In a move that goes beyond his call to ban Muslim immigration into the United States, Donald Trump said Sunday that profiling American Muslims is something that needs to be considered.
In an interview with Face The Nation on CBS, Trump said that profiling Muslims was a matter of “common sense.”
"Just as a bottom line here," host John Dickerson asked, "are you talking about increasing profiling of Muslims in America?"
“Well, I think profiling is something that we're going to have to start thinking about as a country,” Trump responded.
“So, we really have to look at profiling. We have to look at is seriously. And other countries do it, and it's not the worst thing to do,” he continued, citing Israel as an example.
“I hate the concept of profiling, but we have to use common sense. We're not using common sense.”
Trump was also asked how mosques in the country should be “respectfully” checked, a phrase he used at a rally last Wednesday, but did not specify as to how that would be done.
Asked by Dickerson how Mateen, the Orlando shooter and an American citizen born in New York, would have been stopped by Trump’s policy, he repeated the idea that people in the Muslim community failed to report Mateen’s plan.
Using an example, Trump falsely reiterated that the Muslim community in San Bernardino, California knew of the attack but did nothing. Last week, Trump said that the San Bernardino couple had “bombs all over the floor of their apartment,” but did not report the information to authorities. BuzzFeed News reported in March that there was no evidence to support this claim.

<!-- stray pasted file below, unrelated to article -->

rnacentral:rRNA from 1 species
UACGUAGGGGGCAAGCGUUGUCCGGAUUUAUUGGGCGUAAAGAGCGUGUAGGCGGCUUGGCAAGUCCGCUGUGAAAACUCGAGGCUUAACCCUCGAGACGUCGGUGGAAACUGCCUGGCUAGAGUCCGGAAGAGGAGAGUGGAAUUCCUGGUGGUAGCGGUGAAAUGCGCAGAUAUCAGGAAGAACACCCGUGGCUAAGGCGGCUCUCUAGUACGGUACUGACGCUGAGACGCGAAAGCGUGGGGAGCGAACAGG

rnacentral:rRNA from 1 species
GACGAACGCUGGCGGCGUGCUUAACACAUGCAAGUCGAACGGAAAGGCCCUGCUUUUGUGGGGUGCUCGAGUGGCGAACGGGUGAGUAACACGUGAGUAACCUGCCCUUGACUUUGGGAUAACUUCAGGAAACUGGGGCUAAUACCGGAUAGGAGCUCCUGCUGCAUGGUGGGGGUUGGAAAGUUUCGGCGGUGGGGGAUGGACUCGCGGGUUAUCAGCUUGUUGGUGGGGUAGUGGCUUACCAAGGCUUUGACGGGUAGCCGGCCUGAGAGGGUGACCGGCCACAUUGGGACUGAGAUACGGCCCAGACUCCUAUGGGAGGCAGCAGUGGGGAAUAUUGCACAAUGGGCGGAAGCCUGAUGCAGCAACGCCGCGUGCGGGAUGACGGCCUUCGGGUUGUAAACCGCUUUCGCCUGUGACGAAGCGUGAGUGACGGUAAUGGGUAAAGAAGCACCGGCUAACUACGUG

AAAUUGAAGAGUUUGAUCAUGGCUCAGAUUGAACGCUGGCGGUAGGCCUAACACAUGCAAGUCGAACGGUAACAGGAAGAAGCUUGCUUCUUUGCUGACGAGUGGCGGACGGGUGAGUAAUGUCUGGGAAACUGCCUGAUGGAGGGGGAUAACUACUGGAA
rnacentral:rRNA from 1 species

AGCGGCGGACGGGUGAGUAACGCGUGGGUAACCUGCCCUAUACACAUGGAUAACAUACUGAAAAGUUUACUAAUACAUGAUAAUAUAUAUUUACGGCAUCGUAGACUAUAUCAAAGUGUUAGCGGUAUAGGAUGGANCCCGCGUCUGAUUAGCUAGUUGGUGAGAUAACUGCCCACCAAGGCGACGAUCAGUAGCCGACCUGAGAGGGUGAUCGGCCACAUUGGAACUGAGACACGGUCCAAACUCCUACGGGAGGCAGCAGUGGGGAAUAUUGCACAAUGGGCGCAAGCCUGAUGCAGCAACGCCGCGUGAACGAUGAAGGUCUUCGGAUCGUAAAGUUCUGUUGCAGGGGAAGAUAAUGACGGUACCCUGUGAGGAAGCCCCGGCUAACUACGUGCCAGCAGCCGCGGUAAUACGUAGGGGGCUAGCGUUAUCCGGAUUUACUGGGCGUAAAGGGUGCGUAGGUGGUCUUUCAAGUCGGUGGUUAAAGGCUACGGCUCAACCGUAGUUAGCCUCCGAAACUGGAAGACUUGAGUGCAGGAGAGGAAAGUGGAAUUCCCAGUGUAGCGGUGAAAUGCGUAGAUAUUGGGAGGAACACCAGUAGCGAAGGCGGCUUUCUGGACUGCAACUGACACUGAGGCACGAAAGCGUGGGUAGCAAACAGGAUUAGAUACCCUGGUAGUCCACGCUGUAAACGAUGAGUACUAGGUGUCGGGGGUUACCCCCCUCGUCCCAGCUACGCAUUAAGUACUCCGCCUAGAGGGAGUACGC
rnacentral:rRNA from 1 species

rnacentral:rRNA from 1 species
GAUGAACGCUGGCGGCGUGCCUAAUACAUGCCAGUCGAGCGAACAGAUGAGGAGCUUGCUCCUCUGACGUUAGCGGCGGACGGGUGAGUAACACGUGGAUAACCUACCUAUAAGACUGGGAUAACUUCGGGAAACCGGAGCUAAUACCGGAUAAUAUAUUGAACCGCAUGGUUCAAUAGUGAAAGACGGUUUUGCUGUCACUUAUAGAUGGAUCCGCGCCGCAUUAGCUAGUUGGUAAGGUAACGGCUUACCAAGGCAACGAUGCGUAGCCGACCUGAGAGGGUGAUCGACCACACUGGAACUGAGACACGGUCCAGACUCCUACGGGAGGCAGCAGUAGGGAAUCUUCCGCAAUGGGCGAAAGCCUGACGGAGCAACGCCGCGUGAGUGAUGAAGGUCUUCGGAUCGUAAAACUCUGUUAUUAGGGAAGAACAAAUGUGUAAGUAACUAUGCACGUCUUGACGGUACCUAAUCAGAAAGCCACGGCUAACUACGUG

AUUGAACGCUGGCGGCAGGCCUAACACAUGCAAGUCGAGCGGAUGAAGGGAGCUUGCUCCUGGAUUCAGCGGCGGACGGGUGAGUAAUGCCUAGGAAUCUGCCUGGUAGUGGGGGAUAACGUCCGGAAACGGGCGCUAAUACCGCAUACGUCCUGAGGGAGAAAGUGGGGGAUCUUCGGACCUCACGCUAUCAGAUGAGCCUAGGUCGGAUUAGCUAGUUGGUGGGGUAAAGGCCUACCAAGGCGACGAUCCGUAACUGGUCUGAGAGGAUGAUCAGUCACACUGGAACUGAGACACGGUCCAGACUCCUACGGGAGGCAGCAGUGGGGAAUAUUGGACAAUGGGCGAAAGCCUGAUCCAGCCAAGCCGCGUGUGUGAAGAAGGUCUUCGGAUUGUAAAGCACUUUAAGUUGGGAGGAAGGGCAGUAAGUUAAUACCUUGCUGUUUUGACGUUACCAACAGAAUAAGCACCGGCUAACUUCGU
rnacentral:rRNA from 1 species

Pushing back, Dickerson asked, “But in [Mateen's] case, he was investigated twice by the F.B.I., was taken off a list, there was no red flag that suggested that he was going to go do this, so what was there to report?”
Trump said that there were “red flags” and that Mateen was “not a very good man.”
“And you look at his past, I mean, I have never seen a past quite like that. You look at his record in school, you look at a lot of other things, I mean, there were a lot of red flags,” Trump said.
Trump was also asked Sunday about criticism of him from prominent Republican leaders, including House speaker Paul Ryan and Senator Mitch McConnell.
“I would say this, if people and especially, you know, where people endorse me, Republican leaders, I think that honestly they should go about their business and they should do a wonderful job and work on budgets and get the budgets down and get the military the types of money they need and lots of other things,” he said.
“And they shouldn't be talking so much. They should go out and do their job. Let me do my job.”